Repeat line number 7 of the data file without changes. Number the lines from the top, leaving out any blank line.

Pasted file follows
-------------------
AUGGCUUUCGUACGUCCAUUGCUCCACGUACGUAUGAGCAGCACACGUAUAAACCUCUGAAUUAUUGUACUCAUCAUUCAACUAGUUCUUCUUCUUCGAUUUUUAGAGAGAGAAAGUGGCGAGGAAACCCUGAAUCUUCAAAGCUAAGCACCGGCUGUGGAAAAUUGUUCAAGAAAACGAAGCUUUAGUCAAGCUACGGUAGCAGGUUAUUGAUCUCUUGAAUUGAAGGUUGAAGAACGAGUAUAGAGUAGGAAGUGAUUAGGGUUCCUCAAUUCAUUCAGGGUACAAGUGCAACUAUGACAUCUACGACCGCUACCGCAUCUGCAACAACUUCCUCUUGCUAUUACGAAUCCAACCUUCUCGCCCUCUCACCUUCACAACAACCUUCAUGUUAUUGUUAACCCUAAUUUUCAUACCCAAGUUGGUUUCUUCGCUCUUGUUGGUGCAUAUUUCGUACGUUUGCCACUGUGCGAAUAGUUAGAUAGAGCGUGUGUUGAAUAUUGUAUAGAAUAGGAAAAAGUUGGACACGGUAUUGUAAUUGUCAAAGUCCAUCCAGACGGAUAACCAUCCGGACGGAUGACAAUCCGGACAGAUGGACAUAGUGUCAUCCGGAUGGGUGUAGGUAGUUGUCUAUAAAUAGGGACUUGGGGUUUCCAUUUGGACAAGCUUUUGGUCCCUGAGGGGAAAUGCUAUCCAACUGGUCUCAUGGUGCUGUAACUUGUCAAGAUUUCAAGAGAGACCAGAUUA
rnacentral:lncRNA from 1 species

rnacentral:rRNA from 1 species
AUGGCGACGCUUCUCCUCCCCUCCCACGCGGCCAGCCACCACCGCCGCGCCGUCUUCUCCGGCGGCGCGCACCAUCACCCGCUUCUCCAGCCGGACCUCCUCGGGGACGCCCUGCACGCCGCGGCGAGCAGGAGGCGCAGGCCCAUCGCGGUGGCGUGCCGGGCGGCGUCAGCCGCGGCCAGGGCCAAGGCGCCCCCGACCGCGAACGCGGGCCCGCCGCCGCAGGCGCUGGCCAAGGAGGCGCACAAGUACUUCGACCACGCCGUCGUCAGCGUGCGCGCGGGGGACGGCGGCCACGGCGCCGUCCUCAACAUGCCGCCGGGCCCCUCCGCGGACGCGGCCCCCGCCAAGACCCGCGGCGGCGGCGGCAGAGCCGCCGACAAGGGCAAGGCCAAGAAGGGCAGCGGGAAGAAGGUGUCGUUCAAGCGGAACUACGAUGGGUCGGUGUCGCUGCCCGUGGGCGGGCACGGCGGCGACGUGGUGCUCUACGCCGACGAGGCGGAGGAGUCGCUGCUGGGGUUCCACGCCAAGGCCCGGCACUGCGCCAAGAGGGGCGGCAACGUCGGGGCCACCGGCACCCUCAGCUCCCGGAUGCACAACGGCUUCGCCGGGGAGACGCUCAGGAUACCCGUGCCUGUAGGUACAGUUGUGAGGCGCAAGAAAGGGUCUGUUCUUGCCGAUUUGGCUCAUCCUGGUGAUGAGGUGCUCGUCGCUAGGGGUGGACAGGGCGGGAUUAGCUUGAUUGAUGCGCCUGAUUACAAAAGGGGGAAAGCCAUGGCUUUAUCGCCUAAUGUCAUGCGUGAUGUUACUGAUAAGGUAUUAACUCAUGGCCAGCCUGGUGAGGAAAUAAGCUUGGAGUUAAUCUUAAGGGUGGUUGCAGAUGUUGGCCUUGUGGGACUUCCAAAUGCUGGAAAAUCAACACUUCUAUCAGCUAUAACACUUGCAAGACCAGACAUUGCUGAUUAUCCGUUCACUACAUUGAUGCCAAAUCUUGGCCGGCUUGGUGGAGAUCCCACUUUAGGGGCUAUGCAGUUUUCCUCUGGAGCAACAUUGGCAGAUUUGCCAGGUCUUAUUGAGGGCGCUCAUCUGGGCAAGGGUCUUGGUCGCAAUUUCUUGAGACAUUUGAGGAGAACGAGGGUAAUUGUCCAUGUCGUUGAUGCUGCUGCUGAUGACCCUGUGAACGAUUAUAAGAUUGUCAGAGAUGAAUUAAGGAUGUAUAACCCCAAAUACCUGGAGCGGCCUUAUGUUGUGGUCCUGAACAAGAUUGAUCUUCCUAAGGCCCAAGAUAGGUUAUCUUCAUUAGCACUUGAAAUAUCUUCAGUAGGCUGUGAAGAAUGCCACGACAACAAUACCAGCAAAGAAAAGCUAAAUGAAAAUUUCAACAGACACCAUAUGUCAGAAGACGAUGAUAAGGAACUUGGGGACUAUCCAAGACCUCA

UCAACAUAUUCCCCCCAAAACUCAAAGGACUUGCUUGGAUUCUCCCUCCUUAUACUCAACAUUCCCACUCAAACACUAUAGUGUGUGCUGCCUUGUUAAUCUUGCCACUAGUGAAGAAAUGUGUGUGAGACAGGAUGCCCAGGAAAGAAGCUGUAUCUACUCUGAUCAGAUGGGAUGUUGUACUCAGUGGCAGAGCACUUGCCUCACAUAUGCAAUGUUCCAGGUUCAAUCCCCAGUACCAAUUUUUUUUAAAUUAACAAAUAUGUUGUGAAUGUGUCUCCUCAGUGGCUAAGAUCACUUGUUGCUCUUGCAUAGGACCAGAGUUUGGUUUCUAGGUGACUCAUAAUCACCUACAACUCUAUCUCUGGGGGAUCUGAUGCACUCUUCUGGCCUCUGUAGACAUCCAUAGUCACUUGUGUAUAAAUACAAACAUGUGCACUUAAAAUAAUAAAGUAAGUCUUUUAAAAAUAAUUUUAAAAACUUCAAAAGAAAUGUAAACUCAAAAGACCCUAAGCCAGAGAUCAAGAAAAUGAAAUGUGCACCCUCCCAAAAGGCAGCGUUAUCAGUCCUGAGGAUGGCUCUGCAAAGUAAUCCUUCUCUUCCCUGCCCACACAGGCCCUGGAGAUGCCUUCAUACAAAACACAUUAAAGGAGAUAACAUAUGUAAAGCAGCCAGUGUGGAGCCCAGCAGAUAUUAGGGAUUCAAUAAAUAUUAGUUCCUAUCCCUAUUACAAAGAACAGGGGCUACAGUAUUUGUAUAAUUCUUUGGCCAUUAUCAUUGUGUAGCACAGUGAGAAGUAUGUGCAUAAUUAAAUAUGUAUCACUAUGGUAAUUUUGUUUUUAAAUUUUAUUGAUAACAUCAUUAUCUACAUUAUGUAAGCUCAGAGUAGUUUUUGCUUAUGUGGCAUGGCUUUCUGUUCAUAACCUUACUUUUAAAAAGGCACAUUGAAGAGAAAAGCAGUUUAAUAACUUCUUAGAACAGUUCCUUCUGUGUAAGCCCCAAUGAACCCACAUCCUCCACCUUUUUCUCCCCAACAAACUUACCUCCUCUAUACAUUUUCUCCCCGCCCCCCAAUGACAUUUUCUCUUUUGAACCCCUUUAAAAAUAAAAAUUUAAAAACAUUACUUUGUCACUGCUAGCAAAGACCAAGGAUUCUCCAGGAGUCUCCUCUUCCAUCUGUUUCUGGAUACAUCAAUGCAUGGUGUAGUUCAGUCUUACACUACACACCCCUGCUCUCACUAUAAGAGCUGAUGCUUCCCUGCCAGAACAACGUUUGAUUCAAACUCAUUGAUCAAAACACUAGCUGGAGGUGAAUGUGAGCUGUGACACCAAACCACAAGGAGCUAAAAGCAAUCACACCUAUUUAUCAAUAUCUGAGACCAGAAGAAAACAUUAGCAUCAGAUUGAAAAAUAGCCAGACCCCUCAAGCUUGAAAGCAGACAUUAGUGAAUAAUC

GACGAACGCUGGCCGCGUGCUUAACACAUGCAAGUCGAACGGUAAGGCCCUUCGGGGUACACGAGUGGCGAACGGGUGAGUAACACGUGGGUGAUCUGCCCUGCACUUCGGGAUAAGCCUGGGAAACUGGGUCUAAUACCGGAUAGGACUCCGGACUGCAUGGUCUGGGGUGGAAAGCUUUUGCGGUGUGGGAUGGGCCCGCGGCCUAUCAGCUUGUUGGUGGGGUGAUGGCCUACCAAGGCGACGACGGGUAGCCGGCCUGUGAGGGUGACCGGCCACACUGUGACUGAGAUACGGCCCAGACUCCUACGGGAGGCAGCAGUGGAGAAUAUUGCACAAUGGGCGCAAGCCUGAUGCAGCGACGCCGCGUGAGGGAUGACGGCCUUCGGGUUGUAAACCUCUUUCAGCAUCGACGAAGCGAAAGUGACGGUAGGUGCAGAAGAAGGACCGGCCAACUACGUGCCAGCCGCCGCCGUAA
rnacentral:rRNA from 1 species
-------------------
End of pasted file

rnacentral:rRNA from 1 species